The ALS Association funds millions of dollars in research every year, in a variety of scientific focus areas critical to advancing the search for treatments and a cure for ALS. In the nearly 150 years since ALS was first described in 1874, the search for new treatments and a cure has been frustratingly slow. However, the last decade has seen promising acceleration in progress, and in the last few years, five genes related to ALS have been identified. The ALS Association is currently funding a total of 169 active research projects in 16 different focus areas, and for everyone involved, critical discoveries cannot come soon enough. The promise shown in ongoing biomarker research gives reason for hope.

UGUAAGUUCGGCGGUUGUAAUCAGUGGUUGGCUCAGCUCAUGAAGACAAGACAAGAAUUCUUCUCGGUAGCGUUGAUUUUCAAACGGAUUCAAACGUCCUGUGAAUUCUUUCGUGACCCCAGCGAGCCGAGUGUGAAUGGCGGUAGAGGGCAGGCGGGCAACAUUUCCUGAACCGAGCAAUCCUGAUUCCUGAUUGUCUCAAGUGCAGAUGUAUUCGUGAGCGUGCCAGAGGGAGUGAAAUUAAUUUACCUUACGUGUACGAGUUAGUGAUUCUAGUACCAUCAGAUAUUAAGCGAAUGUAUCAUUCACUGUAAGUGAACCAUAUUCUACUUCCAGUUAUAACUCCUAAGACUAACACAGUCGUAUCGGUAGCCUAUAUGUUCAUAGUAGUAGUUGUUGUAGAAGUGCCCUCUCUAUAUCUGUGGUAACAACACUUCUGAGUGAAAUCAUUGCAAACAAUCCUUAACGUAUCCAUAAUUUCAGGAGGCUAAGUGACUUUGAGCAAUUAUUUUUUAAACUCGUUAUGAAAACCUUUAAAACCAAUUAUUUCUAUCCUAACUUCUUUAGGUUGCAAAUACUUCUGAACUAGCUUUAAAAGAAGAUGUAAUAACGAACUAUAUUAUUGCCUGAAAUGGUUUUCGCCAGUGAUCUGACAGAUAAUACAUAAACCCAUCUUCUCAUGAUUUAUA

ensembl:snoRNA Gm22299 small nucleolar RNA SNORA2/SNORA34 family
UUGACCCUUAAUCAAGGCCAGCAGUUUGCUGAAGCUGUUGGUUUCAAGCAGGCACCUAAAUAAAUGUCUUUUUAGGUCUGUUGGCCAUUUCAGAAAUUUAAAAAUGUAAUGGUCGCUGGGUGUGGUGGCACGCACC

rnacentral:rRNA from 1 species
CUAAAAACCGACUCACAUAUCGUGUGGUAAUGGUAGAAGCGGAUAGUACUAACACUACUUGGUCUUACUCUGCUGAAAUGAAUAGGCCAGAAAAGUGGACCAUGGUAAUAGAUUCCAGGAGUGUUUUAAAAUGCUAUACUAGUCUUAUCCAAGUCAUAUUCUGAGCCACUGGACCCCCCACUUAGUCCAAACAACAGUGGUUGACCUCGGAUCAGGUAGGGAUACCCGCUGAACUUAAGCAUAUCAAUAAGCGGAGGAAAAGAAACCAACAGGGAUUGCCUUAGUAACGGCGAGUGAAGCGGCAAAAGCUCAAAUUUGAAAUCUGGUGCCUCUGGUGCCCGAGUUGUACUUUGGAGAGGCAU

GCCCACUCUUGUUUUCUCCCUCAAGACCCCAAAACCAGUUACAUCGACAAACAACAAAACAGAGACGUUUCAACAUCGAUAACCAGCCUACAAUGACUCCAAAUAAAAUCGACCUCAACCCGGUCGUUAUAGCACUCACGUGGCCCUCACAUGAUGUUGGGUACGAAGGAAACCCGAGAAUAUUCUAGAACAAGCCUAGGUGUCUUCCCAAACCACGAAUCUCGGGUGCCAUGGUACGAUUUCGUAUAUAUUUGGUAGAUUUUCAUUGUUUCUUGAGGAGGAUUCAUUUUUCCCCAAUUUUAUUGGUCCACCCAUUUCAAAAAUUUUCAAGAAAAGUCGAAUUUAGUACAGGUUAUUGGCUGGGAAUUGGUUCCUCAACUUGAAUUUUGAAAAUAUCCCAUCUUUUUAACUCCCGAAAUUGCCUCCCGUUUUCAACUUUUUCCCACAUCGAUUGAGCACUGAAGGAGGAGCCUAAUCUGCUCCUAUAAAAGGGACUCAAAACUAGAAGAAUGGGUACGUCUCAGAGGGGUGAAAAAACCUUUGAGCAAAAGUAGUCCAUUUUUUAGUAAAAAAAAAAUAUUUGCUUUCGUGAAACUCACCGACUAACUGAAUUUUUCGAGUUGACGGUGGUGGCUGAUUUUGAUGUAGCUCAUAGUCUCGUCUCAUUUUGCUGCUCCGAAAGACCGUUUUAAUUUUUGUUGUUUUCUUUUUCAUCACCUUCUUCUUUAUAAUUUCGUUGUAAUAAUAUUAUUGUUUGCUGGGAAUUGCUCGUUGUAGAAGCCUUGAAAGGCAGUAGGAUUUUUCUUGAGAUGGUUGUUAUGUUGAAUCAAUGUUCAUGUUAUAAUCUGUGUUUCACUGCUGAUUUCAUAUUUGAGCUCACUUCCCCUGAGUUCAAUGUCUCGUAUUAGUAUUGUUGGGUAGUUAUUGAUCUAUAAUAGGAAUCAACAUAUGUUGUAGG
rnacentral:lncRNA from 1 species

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In Memorial—Why We Walk

It started out of necessity, really. When it was decided—for the well-being of all involved—that we would not be gathering in Forest Park for the St. Louis Walk to Defeat ALS this Saturday (June 27), our Chapter had to think about new ways to put on the event that keep the sense of community that joining together in support of those with ALS and in support of the search for a cure creates. We think we’ve created a Walk that will bring that sense of community to streets and neighborhoods throughout our region this Saturday, and we hope you’ll take part.